AutoCAD 2009 – The Prequel Part 11 – Docked Vertical Ribbon

This video shows how the AutoCAD 2009 vertical Ribbon behaves when it is docked on one side. The labels explain what is going on. The main thing that used to drive me batty with the Dashboard was the way in which expanding one panel would contract another. The vertical Ribbon doesn’t do that, it leaves panels how you left them, which I much prefer. Something else you may have noticed is that when there is no docked horizontal Ribbon, the red A in the corner shrinks. I’ll describe what’s lurking beneath that A in future posts.

AutoCAD 2009 – The Prequel Part 10 – Dude, where’s my Dashboard?

Dude, Dashboard’s dead. Defunct. Done. AutoCAD 2009 replaced the Dashboard with the Ribbon. If you type in the DASHBOARD or DASHBOARDCLOSE commands, they are just converted to the RIBBON and RIBBONCLOSE commands, which turn the Ribbon on and off. If you’re a fan of the Dashboard (and I never was), there is good and bad news. The good news is that you can right-click on various parts of the Ribbon, pick Undock and you get a Dashboard-like floating vertical Ribbon that can be resized and configured very easily in terms of turning panels on and off. You can’t do that …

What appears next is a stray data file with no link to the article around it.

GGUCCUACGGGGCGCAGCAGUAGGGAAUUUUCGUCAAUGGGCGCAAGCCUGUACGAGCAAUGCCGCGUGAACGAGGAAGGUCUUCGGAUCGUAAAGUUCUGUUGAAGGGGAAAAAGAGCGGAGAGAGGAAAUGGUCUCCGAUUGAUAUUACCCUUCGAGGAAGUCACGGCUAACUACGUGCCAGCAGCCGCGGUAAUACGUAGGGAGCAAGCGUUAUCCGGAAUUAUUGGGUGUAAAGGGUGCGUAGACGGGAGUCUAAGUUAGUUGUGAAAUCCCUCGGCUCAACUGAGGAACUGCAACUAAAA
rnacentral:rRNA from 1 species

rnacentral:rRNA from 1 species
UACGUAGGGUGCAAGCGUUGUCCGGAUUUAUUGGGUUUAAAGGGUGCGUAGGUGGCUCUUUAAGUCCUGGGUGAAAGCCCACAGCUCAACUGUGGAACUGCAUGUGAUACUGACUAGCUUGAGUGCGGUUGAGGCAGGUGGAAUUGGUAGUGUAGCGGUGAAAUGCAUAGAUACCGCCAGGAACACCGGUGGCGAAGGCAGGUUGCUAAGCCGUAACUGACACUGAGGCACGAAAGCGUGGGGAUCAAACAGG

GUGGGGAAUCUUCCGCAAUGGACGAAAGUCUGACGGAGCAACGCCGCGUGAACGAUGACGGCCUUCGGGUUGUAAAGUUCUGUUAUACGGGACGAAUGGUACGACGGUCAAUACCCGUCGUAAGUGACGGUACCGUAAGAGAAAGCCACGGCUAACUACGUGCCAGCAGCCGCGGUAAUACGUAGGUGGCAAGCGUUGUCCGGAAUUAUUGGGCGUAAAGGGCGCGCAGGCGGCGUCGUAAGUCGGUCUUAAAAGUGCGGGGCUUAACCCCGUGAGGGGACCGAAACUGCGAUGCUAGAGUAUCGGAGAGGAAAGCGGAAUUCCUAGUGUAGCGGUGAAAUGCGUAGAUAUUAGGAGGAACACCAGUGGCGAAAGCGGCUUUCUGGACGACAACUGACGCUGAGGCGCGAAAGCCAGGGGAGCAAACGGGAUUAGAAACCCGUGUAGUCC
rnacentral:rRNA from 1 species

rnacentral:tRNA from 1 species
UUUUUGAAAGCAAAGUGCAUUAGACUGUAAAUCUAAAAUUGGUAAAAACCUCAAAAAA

AutoCAD 2009 – The Prequel Part 9 – Docked Toolbars

If AutoCAD 2009’s floating toolbars are the best ever, what about when they’re docked? As a starting point, here is AutoCAD 2008 with the Express Tools toolbars docked. Here is the same thing in AutoCAD 2009. So a few pixels have been shaved off in one direction and added in another. The end result is that they use about 99% of the space used in 2008. Not too bad, but I think it could be better. Here’s my suggestion: That uses about 80% of the space. In addition to shaving off a few more pixels, I think this looks a …

AutoCAD 2009 – The Prequel Part 8 – Vista Startup Times